• From sites that measure security risks, I would get back your security view on each URI.
  • From the “owner” of the URI, I will take any metadata that you want to provide, so long as it is relatively organized into some standard approach.
  • From the Domain Registrars, I would like to get your information as well (by domain in this case).
  • I would also like similar input/output information from the message boards, forums, blog sites (or possibly the Feedburner’s of the world), Ajax desktops, and any other site that cares to offer an opinion on a URI (or the objects associated with the URI, such as person, organization, product, etc.).
  • If I ask really nicely, perhaps I can also have the request information from the DNS servers (yes, I know this is a major issue. But as long as I am asking…)
  • I am sure that I missed several classes of sites. If you have data to offer up related to a URI, I would love to get it (assuming it has information value).

In terms of the API, my first request is URI input and data back, but each site has a lot of other useful API calls (e.g., tag in, URLs out). It would be great if over time each class of site had some standards emerge that had robust APIs associated with them.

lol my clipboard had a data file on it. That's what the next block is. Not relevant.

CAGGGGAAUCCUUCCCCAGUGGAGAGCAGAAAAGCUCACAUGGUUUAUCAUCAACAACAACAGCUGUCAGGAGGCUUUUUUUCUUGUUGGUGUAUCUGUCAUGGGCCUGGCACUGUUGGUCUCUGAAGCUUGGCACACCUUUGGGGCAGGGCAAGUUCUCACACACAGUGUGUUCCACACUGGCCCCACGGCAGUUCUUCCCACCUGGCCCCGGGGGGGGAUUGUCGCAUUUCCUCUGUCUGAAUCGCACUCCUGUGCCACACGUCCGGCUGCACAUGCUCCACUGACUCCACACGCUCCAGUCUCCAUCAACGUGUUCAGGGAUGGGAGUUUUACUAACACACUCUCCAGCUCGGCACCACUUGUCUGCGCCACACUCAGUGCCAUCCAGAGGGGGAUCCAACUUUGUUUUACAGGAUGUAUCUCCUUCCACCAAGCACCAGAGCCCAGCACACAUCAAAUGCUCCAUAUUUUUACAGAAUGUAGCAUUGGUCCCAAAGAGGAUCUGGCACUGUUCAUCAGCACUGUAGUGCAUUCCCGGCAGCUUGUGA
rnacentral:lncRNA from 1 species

I would also like to see some intermediaries (ala Feedburner) form that will reduce some of your server load and mine and, perhaps, find some value add processing to the combined data streams.

Okay, now I have a pretty nice set of possibly interesting URIs and the possibility of getting a lot of useful information that others are gathering on each. It is probably obvious what I want to do with all this, but I will be more explicit in a later post.